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Learning Styles Part 3

This is part 3 of 4 in a series about learning styles. You can read part 1 here.

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"My child never stops talking"

"I can’t watch a movie with her because she asks so many questions"

"He interrupts me constantly"

If any of these statements have been said by you, it is likely you have an auditory learner on your hands! A child’s learning style is his or her approach to learning, or how he/she best assimilates, processes, and retains information. Auditory learners learn best by hearing information out loud. Homeschoolers are in the perfect position to incorporate elements into their teaching that support their child’s learning style, because all aspects of education can be tailored to the child’s individual needs. The following are characteristics of auditory learners:

  • Talk constantly, to themselves and others
  • Have a knack for foreign language
  • Read slowly, often with reading aloud to themselves
  • Talk through what they are thinking
  • Hum or sing frequently
  • Interrupt often
  • Say the sound of the word as they write it
  • Enjoy the performing arts
  • Blurt out answers as soon as they think of them
  • Ask lots of questions
  • Enjoy music and display musical talent
  • Repeat what someone says so they can remember it
  • Have strong language skills with large vocabularies
  • Remember names, but forget faces
  • Use hearing words, like "Tell me what you want me to do", "Listen", and "Could I talk with you for a minute?"

Auditory learners comprise around 20% of the population, according to Wikipedia. Click here to take a simple learning styles inventory. Parents can help increase their auditory learner’s chance of success by incorporating some simple steps into their teaching that complement how this child best learns. Also, by teaching according to their child’s learning style, parents make learning more enjoyable, and the goal for most homeschoolers is to not just educate, but develop a love for learning in their children. The following are ways homeschoolers can support auditory learners.

  • Use phonics to teach reading
  • Use auditory CDs and books on CD to teach lessons
  • Give oral reports and have students answer questions orally
  • Have the child "narrate" a story or concept – repeat back what he heard and understood
  • Read books aloud to the child, even those children old enough to read on their own
  • Have the child explain a new concept to someone else
  • Use tape recorders to play back lessons
  • Use music, poetry or rhythm to convey new concepts
  • After teaching for 10 minutes, use an egg timer to allow the student 3 minutes to talk to a peer or sibling about what he just heard
  • Encourage discussion, brainstorming, and questions
  • Use emphasis and emotion when teaching
  • Use rhymes, mneumonic devices, and other auditory devices
  • Repeat what you say to facilitate memorization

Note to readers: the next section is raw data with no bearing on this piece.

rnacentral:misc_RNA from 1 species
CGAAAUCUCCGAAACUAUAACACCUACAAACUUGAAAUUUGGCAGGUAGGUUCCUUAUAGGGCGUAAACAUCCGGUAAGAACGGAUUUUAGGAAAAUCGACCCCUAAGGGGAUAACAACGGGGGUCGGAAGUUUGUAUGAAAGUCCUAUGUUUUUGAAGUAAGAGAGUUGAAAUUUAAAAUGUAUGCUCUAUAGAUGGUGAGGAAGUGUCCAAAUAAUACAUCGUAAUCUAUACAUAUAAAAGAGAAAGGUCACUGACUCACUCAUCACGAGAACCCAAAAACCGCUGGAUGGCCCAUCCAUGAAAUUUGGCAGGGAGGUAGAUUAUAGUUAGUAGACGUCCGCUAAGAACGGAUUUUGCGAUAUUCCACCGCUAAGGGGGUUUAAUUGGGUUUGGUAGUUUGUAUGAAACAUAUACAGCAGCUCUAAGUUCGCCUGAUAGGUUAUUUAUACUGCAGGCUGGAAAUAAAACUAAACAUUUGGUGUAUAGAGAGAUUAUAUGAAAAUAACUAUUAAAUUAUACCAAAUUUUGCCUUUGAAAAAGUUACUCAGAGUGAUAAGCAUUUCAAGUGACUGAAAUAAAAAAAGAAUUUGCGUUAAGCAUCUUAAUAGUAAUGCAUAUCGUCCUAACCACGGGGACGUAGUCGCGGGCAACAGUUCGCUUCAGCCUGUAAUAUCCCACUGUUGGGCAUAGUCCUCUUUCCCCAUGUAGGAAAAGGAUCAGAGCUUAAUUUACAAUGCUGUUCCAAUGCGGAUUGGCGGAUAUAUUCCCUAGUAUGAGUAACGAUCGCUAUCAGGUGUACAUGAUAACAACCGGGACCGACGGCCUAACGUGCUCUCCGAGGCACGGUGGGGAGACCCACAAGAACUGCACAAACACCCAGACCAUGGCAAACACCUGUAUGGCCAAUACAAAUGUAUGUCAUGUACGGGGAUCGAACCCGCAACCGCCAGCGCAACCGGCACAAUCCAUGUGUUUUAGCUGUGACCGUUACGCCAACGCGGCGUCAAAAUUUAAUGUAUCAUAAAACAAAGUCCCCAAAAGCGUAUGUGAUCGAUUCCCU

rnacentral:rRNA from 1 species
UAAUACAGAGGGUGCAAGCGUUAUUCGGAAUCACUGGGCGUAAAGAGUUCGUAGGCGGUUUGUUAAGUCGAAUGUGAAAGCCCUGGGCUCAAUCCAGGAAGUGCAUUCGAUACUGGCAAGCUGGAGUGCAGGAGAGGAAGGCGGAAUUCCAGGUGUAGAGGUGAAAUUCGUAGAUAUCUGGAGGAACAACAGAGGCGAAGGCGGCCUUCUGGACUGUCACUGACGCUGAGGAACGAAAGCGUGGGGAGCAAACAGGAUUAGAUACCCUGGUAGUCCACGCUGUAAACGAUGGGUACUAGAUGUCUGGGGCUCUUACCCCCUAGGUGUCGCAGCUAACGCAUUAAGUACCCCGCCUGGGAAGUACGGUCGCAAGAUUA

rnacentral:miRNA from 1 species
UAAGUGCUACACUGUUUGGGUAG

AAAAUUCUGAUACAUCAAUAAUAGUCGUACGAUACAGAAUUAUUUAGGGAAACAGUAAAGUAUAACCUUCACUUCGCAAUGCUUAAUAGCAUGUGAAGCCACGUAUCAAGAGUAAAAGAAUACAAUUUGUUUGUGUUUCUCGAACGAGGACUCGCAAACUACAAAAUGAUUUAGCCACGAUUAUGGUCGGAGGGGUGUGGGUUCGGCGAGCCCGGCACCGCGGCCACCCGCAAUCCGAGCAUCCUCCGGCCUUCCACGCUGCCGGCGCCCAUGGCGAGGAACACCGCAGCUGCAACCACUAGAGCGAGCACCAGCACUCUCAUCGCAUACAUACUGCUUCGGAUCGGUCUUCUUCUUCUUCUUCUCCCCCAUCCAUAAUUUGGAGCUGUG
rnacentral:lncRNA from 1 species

• Provide regular intervals throughout teaching for child to ask questions and speak orally
  • Make up songs to teach new concepts
  • Use study groups with other students

To find out more about learning styles, check out How to Maximize Your Child’s Learning Ability by Dr. Lauren Bradway and Barbara Albers Hill. This title can be found at your local library.

Sources:
http://www.trcc.commnet.edu/ed_resources/tasc/training/auditory_learning.htm
http://en.wikipedia.org/wiki/Auditory_learning
http://homeworktips.about.com/od/homeworkhelp/a/auditory.htm
http://www.education.com/magazine/article/auditory_learners/

Read Part 1 | 2 | 3 | 4


©2010 Rebecca Capuano 

Rebecca Capuano is a stay-at-home Mom who homeschools her two children. She earned her Master of Social Work degree from East Carolina University, and has worked in a variety of capacities (including group homes, day treatment centers, and public schools) with at-risk children and staff, including developing a therapeutic and educational day treatment center for delinquent youth in Wilmington, North Carolina. Currently, she writes for Examiner.com as the Roanoke Homeschooling Examiner, and serves as a Copy Writer for Home Educators Association of Virginia (HEAV). She also does periodic training and consulting with school systems to help staff work effectively with at-risk youth. Rebecca believes that family is created by God as the most fundamental institution in society, and she is dedicated to helping families nurture their children to become responsible persons of character and integrity. 

Rebecca Capuano

Rebecca Capuano is the stay-at-home mom of three children (one of whom is in heaven) who also makes attempts at being a homeschooler, writer, photographer, scrapbooker, and truth-seeker. She earned her Master of Social Work degree from East Carolina University, and has worked in a variety of capacities (including group homes, day treatment centers, and public schools) with at-risk children and staff, including developing a therapeutic and educational day treatment center for delinquent youth in Wilmington, North Carolina. She currently resides in Virginia, and has written on a variety of topics for both Examiner.com and Home Educators Association of Virginia. Rebecca believes that family is created by God as the most fundamental institution in society, and she is dedicated to helping families nurture their children to become responsible persons of character and integrity. In addition to reading her posts at TheHomeSchoolMom, you can follow her search for truth (and blunders along the way) in family, faith and culture by visiting her blog, seeluminosity.com.

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